- Strategy for retouching
- Resolution and image size
- Getting started
- Straightening and cropping an image
- Using automatic adjustments
- Adjusting the tonal range
- Removing a color cast
- Replacing colors in an image
- Adjusting lightness with the Dodge tool
- Adjusting saturation with the Sponge tool
- Applying the Unsharp Mask filter
- Compare the manual and automatic results
- Saving the image for four-color printing
- Review questions
- Review answers
Replacing colors in an image
With the Replace Color command, you can create temporary masks based on specific colors and then replace these colors. (A mask isolates an area of an image, so that changes affect just the selected area and not the rest of the image.) The Replace Color dialog box contains options for adjusting the hue, saturation, and lightness components of the selection: Hue is color, saturation is the purity of the color, and lightness is how much white or black is in the image.
You’ll use the Replace Color command to change the color of the wall at the top of the image. The Replace Color command is not available in ImageReady.
- Select the Rectangular Marquee tool (<), and draw a selection border around the blue wall at the top of the image. Don’t worry about making a perfect selection, but be sure to include all of the blue wall.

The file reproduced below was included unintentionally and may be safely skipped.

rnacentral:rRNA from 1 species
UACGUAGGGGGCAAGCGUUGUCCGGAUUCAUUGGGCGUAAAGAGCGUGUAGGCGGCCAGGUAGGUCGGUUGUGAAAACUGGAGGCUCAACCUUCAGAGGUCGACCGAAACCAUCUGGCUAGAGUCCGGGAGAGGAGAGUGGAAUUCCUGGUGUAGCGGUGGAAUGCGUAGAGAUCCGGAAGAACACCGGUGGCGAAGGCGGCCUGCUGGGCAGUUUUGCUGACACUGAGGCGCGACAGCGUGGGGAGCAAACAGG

- Choose Image > Adjustments > Replace Color to open the Replace Color dialog box.
By default, the Selection area of the Replace Color dialog box displays a black rectangle, representing the current selection.
Notice the three Eyedropper tools in the Replace Color dialog box. One selects a single color; another selects additional colors and adds them to the color selection; the third selects colors and removes them from a color selection.
A. Single-color Eyedropper tool
B. Eyedropper Plus tool
C. Eyedropper Minus tool
- Using the first (single-color) Eyedropper tool () in the Replace Color dialog box, click anywhere in the blue-wall area of the image window to select all of the area with that color.
- In the Replace Color dialog box, select the Eyedropper Plus tool (), and use it to select other areas of the blue wall until the entire wall shape is highlighted in white in the dialog box.
- Adjust the tolerance level by scrubbing, dragging the Fuzziness slider, or typing 80.
Fuzziness controls the degree to which related colors are included in the mask.
- If there are any white areas of the mask display in the dialog box that are not part of the wall and therefore should not be included, fix those now: Select the Eyedropper Minus tool () and click those areas in either the image window or the Replace Color dialog box to remove most of the white. (It’s OK if a few pixels in the shadowed window inset remain in the selection.)
- In the Replacement area of the Replace Color dialog box, drag the Hue slider to –40, the Saturation slider to –45, and leave the Lightness slider at 0.
As you change the values, the color of the wall changes in hue, saturation, and lightness, so that the wall is now a slaty green color.
- Click OK to apply the changes.
- Choose Select > Deselect, and then choose File > Save.